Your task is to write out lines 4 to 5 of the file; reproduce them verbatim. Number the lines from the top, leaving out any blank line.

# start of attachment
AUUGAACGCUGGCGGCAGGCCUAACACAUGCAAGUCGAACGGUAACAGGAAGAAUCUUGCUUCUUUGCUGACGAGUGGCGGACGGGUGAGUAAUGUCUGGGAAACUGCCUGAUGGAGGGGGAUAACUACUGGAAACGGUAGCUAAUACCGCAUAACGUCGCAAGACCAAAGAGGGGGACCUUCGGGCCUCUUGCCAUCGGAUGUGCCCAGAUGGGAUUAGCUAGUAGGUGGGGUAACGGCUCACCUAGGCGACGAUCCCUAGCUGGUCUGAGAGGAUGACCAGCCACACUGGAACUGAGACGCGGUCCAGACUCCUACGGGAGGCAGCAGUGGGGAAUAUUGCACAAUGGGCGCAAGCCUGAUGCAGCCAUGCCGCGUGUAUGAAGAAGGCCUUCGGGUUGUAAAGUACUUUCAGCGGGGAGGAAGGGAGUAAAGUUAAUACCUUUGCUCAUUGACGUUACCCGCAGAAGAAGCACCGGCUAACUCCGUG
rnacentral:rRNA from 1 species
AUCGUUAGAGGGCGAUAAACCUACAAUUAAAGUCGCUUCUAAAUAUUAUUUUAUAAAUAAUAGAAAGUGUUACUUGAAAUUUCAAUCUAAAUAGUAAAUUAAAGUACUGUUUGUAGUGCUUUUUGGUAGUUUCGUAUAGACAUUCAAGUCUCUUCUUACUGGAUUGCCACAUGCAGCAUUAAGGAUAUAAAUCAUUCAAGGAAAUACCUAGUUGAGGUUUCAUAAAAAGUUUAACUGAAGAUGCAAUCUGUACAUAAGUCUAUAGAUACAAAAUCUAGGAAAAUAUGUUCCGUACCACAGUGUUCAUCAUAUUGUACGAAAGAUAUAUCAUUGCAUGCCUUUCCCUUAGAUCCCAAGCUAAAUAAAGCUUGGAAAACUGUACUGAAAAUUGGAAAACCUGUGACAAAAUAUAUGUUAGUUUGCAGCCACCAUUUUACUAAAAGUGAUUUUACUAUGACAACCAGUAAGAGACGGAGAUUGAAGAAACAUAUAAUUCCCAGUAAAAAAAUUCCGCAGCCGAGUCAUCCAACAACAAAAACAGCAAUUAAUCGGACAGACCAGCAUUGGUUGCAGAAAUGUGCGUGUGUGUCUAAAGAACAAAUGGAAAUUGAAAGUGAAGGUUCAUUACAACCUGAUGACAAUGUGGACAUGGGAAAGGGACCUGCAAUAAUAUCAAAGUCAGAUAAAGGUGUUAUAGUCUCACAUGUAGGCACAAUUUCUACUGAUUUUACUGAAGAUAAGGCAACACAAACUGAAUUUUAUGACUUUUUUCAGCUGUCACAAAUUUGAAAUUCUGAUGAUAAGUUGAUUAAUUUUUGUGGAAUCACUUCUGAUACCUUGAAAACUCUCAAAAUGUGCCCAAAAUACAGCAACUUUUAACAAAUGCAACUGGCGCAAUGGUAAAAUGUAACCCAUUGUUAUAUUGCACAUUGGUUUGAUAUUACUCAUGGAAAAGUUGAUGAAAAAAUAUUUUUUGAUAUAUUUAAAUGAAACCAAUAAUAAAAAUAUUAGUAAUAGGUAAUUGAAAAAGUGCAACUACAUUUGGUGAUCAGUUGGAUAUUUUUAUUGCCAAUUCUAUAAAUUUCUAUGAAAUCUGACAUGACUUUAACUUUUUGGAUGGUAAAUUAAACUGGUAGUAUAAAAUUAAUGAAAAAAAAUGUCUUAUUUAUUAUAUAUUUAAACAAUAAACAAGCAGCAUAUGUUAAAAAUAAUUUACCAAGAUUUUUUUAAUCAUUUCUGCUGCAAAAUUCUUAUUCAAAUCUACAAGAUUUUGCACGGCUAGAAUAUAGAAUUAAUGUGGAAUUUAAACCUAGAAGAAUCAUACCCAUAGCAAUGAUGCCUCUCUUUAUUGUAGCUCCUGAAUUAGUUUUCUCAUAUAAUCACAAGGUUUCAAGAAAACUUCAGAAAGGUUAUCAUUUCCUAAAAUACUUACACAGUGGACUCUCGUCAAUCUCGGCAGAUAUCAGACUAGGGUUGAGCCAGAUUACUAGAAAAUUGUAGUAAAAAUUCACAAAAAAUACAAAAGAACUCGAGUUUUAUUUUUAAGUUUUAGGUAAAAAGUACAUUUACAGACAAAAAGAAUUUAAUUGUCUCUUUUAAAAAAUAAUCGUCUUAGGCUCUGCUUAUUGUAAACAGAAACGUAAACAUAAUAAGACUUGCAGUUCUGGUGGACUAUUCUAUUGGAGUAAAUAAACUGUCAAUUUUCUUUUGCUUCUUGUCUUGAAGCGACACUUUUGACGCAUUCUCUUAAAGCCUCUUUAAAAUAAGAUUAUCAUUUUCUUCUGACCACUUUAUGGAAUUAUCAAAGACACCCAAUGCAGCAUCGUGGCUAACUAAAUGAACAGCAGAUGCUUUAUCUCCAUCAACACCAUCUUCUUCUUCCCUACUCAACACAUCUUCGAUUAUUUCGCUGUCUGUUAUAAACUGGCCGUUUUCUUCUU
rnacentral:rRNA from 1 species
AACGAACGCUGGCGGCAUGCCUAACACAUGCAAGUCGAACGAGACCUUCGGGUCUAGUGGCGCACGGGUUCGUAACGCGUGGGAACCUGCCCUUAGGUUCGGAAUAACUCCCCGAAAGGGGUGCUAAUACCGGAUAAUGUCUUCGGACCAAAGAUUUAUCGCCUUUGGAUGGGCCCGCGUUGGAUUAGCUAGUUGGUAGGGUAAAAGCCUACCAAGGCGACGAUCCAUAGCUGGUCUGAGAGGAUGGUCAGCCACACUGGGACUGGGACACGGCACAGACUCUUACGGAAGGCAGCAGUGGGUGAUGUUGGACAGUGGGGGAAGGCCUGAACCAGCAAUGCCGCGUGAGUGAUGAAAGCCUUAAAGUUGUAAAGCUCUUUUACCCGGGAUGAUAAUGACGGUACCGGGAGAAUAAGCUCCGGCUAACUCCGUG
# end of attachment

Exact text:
rnacentral:rRNA from 1 species
AACGAACGCUGGCGGCAUGCCUAACACAUGCAAGUCGAACGAGACCUUCGGGUCUAGUGGCGCACGGGUUCGUAACGCGUGGGAACCUGCCCUUAGGUUCGGAAUAACUCCCCGAAAGGGGUGCUAAUACCGGAUAAUGUCUUCGGACCAAAGAUUUAUCGCCUUUGGAUGGGCCCGCGUUGGAUUAGCUAGUUGGUAGGGUAAAAGCCUACCAAGGCGACGAUCCAUAGCUGGUCUGAGAGGAUGGUCAGCCACACUGGGACUGGGACACGGCACAGACUCUUACGGAAGGCAGCAGUGGGUGAUGUUGGACAGUGGGGGAAGGCCUGAACCAGCAAUGCCGCGUGAGUGAUGAAAGCCUUAAAGUUGUAAAGCUCUUUUACCCGGGAUGAUAAUGACGGUACCGGGAGAAUAAGCUCCGGCUAACUCCGUG